Ex-Wilmington Trust president reaches settlement with SEC
DOVER, Del. (AP) — The former president of the only financial institution to be criminally charged in connection with the federal bank bailout program in the wake of the 2008 financial crisis has reached a settlement with federal securities regulators in a related civil action.
In a court filing Tuesday, an attorney for the Securities and Exchange Commission asked a federal judge in Delaware to approve a consent judgment against former Wilmington Trust President Robert Harra Jr.
Under the proposed consent judgment, Harra would pay a civil penalty of $100,000, be prohibited from acting as an officer or director of a public company, and be prohibited from violating federal securities laws that were the basis of the SEC’s civil suit.
Harra, along with former Wilmington Trust Chief Financial Officer David Gibson, former Chief Credit Officer William North and former controller Kevyn Rakowski, were convicted in 2018 on criminal charges of fraud, conspiracy and making false statements regarding the bank’s troubled commercial loan portfolio.
The bank itself also was criminally charged but reached a $60 million settlement with prosecutors just as a trial was set to start. Wilmington Trust’s settlement included a civil forfeiture of $44 million and $16 million it previously paid to the SEC.
The executives received prison sentences ranging from three to six years, but a federal appeals court panel last year reversed their convictions for making false statements and ordered that judgments of acquittals be entered. The panel also ordered a retrial of the conspiracy and securities fraud charges, but prosecutors later opted to drop the case altogether.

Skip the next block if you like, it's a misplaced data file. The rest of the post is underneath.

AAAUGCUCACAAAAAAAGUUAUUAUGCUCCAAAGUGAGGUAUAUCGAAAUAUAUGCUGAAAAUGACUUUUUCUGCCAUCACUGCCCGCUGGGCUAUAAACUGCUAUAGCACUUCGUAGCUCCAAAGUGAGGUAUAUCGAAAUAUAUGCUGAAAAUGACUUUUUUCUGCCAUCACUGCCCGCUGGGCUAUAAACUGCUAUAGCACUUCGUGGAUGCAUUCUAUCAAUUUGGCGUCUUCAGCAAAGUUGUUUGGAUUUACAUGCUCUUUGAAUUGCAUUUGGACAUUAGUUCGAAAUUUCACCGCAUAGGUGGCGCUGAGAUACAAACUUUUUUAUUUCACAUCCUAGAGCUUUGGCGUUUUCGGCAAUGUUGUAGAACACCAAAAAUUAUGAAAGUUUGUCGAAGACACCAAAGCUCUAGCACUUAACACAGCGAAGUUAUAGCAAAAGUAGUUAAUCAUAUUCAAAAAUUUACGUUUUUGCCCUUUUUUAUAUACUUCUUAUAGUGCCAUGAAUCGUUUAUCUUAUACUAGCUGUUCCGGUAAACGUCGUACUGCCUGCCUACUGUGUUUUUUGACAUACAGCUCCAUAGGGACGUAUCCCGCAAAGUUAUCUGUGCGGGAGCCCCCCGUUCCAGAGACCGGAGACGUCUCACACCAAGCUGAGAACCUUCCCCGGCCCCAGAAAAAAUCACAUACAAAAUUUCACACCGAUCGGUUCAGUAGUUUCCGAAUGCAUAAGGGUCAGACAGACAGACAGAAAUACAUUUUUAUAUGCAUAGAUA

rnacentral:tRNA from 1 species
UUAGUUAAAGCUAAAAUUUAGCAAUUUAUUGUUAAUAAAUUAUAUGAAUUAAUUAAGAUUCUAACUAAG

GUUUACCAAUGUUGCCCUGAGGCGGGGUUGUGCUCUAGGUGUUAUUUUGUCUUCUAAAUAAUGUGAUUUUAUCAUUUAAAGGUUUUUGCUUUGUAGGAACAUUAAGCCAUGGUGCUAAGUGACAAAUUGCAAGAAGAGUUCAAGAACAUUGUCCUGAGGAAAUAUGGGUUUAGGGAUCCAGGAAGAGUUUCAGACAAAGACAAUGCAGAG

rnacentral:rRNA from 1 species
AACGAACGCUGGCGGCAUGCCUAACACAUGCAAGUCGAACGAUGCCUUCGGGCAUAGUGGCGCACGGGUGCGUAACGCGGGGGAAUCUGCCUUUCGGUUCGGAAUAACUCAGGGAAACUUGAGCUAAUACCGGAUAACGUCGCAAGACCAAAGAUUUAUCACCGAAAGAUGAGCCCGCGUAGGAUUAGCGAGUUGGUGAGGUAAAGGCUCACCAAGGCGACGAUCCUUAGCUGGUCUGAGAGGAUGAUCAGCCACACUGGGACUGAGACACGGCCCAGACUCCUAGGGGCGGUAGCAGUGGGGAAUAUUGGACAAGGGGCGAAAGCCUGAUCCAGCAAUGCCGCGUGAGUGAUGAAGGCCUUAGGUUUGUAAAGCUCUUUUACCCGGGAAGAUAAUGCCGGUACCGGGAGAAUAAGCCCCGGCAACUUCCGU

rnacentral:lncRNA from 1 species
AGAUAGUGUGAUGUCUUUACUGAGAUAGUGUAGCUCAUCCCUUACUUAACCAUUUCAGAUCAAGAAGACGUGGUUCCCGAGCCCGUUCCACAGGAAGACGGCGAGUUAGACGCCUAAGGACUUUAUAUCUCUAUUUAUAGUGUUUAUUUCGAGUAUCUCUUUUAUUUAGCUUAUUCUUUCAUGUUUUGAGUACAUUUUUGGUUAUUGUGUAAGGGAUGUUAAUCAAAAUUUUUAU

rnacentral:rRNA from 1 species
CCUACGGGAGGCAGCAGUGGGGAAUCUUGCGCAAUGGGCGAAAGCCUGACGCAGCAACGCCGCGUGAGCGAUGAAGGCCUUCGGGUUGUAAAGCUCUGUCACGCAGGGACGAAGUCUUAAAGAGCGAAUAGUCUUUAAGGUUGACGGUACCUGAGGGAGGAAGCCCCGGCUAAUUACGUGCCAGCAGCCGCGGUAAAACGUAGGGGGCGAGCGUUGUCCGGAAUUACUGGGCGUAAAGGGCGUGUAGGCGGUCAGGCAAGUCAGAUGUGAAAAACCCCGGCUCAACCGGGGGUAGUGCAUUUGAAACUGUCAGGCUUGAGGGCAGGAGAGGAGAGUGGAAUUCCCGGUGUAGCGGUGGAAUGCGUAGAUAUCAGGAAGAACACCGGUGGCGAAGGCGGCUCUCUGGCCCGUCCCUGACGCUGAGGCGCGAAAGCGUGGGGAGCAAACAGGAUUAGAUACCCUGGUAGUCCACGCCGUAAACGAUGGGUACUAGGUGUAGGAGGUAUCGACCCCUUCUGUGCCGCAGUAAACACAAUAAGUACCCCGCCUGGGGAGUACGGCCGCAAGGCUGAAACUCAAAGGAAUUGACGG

Meanwhile, Gibson and Rakowski finalized settlements in the SEC’s civil action in 2019, agreeing to pay more than $70,000 and $44,000, respectively, to the agency. Approval of Harra’s settlement would leave North the only defendant in the lawsuit, in which SEC claimed the executives knowingly or recklessly made false disclosures regarding the bank’s loan portfolio. An attorney for North did not immediately respond to an email seeking comment Tuesday.
In a separate civil action, Wilmington Trust agreed to pay $200 million cash to settle a shareholder lawsuit alleging fraudulent concealment of billions of dollars in bad loans. Auditing firm KPMG agreed to pay an additional $10 million as part of the settlement.
In the criminal case, prosecutors alleged that in the wake of the financial crisis, the executives misled regulators and investors about Wilmington Trust’s massive amount of past-due commercial real estate loans before the bank was hastily sold in 2011 while bordering on collapse.
Founded by members of the DuPont family in 1903, the bank imploded despite receiving $330 million from the federal Troubled Asset Relief Program.
Prosecutors said bank officials waived millions of dollars in matured loans from reporting requirements if they were designated as “current for interest” and in the process of being extended. To ensure that loans well past their repayment dates were purportedly exempt from reporting requirements, the bank lent even more money to struggling developers just to make the interest payments.
In the fourth quarter of 2009, bank officials reported only $10.8 million in commercial loans as 90 days or more past due, concealing more than $316 million in past-due loans subject to the waiver practice, according to prosecutors.
After a meeting to discuss matured loans and “how to make them go away” by year’s end, bank officials went beyond the waiver practice and decided on a mass extension that involved temporarily extending more than 800 commercial loans worth $1.3 billion, prosecutors said. In an email to Harra, North referred to certain loans as “credit turds.”
Meanwhile, before its 2011 fire sale to M&T Bank, Wilmington Trust raised $287 million in a 2010 stock offering, intended partly to help repay the TARP funds, while hiding the truth about its shaky financial condition from investors, prosecutors said.
Defense attorneys argued that the waiver practice had been in place for decades and was no secret. They also maintained that instructions for filing reports with the Federal Reserve and for disclosing financial information in SEC filings were ambiguous, and that the term “past due” was not clearly defined.
The appeals court agreed that the reporting requirements were ambiguous.
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